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Discussion Starter · #1 ·
So I changed the hose on the fuel return line few days ago because it was leaking. I started the truck, it worked for few minutes then died like it run out of fuel, but it has a lot of fuel in the tank. I unscrewed the overflow valve a little bit on the injection pump and started to pump the fuel manually with the button that's on the mechanical lift pump, and I saw bubbles coming out of loosened return line.
My question is where it could suck air from?
I also happened few months before when I was driving and it died on the road, pulled off and started again with about 10 seconds of cranking.
I though it might be bad fuel sending unit that I replaced from another truck? I think it's in good condition.
Could be a problem with an injection pump? Any seals that I have to change?
:confused013:
 

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There are several places for an air leak. Email me at [email protected] for the current version of my 12 valve fuel supply system write up, how it works and how to fix it.
 

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I've found that in the struggle to replace the return hose behind the engine that the metal line on top of the bell housing easily gets cracked.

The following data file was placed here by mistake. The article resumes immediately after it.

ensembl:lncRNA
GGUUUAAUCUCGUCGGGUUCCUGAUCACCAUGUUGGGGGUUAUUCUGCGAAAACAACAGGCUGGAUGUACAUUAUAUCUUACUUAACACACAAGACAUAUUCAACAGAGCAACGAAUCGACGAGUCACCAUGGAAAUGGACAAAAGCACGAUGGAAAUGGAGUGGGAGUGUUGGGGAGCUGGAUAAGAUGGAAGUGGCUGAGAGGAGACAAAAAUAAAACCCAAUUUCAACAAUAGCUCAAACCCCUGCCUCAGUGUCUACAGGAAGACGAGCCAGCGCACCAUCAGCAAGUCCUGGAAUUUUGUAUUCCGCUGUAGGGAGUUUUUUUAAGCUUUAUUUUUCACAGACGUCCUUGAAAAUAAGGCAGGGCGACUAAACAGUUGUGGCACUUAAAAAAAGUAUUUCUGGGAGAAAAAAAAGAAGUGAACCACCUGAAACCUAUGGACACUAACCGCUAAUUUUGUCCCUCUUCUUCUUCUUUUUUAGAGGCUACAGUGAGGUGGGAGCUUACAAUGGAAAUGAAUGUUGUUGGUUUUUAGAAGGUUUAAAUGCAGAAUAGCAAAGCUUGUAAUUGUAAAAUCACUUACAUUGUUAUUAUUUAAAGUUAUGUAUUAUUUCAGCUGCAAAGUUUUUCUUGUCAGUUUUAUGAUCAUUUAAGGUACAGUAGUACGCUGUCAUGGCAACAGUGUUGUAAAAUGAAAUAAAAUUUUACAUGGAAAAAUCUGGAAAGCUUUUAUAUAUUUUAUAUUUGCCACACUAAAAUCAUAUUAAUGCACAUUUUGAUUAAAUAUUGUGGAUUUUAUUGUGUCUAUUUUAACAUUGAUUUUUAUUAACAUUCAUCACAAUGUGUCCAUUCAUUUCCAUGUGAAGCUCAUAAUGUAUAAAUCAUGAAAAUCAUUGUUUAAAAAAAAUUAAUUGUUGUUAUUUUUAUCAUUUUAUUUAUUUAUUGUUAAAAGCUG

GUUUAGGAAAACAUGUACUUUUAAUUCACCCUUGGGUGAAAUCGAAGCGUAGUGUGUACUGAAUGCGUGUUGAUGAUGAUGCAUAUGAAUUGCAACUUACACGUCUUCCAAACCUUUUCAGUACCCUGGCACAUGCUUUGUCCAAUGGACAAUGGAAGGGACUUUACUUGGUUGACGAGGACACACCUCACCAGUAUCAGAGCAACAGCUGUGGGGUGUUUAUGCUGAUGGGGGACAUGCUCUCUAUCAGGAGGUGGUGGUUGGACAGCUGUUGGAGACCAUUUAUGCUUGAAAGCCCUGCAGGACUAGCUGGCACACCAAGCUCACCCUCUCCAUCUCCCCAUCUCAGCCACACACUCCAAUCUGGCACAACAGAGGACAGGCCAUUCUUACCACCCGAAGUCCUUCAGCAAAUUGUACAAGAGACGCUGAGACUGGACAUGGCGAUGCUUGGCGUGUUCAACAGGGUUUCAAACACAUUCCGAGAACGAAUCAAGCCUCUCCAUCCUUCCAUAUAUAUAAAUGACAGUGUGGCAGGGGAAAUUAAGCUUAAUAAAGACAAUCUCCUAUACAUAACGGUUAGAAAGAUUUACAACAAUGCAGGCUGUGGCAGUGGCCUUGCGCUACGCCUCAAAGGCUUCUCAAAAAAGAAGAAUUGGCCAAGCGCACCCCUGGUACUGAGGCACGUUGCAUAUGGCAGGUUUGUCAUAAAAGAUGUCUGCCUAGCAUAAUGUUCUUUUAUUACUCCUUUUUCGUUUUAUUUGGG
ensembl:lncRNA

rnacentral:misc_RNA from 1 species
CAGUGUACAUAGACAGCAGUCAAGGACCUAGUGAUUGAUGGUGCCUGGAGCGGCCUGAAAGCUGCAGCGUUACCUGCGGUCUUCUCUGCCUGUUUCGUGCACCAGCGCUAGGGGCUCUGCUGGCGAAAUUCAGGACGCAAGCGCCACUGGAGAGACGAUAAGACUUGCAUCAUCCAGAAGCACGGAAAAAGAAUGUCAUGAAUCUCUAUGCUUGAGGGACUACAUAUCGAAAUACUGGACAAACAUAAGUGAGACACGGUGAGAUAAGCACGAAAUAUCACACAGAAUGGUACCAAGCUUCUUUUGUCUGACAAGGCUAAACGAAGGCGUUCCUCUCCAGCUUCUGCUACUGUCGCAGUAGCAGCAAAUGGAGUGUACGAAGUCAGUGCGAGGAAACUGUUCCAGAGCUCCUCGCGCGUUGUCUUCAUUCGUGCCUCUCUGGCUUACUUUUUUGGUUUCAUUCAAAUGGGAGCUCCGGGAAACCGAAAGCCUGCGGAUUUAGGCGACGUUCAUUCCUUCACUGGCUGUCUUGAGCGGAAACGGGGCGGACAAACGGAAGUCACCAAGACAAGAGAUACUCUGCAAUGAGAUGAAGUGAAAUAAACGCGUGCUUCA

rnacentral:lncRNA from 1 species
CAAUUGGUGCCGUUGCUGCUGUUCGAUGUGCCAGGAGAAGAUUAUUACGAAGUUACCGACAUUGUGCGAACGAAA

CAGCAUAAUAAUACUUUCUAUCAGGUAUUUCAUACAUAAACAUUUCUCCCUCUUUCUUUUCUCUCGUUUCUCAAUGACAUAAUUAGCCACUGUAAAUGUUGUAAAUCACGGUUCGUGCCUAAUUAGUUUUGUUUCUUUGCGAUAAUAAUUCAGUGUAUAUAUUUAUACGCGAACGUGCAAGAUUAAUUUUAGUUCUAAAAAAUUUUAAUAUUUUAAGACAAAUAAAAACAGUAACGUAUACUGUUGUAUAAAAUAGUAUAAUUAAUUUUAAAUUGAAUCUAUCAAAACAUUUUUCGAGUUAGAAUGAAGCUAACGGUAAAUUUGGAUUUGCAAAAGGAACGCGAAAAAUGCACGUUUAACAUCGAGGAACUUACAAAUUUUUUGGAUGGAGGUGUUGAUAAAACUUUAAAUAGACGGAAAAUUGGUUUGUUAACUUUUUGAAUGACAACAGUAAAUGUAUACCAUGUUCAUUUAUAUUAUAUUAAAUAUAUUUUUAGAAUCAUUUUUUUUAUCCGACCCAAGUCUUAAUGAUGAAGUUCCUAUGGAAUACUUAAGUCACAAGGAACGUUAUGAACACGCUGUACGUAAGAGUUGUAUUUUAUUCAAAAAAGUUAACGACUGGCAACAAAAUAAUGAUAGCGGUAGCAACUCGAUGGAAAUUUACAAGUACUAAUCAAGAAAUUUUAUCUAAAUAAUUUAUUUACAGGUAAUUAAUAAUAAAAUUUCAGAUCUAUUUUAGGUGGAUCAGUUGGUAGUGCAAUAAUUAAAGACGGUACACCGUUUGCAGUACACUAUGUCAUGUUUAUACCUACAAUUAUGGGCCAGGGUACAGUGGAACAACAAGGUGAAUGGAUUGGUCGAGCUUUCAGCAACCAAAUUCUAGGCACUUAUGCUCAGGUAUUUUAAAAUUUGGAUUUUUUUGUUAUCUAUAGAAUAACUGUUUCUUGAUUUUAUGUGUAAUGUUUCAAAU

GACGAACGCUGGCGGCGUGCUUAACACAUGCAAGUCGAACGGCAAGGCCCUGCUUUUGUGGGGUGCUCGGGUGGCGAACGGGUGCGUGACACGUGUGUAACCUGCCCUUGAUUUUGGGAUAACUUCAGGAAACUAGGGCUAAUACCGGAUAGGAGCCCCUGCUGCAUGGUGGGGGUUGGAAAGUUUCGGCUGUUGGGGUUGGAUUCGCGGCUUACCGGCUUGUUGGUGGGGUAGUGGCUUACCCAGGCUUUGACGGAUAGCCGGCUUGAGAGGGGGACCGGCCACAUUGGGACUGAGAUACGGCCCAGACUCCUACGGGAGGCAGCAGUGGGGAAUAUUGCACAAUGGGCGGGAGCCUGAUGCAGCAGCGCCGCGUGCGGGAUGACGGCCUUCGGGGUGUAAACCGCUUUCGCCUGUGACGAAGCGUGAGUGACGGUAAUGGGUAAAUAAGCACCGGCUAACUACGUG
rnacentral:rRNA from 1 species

That's one reason I no longer replace just the short hose but instead abandon the stock fuel supply/return lines all the way from the engine to the tank and replace with hose.
A permanent fix if you use high quality diesel hose.
 

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Discussion Starter · #5 ·
illflem:

That's a good idea. I might have to also replace them all with a good hose.
After I put the short hose I noticed that it has lettering on it, something like that "Not to be used for fuel injection" lol. So I guess it won't hold on for long.
 

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First of all, don't go thinking it's the IP from the start, it's the absolute least likely thing to be the problem. Double check all of your connections, and replace all rubber fuel lines with some high quality stuff, especially since you said that it has happened in the past too.

There is also a short rubber line from the tank unit to the hard line running along the frame, these things eventually crack especially at the ends where the clamps are, and air can eventually escape past these points (on all lines, that is).

As for the "Not for fuel injection systems" hose (J30R7), that just means it's not meant for a pressurized fuel system, and since on the cummins motor configuration all of the rubber hoses are pre-lift pump, there is no pressure, and therefore no reason to use pressure-rated hose (J30R9).

Hope this helps,
Nick
 

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Discussion Starter · #8 ·
I finally found a huge air leak. First I fixed my old sending unit and put it in, now my fuel level gauge works, :party018:. Then I removed the fuel heater, just in case. Then I noticed that the nut that holds the steel fuel line on top of the pre-filter was very loose, so I tightened it, then I started the engine and it idled for about 30 minutes non-stop. Yeah, super.
:headbang:
 
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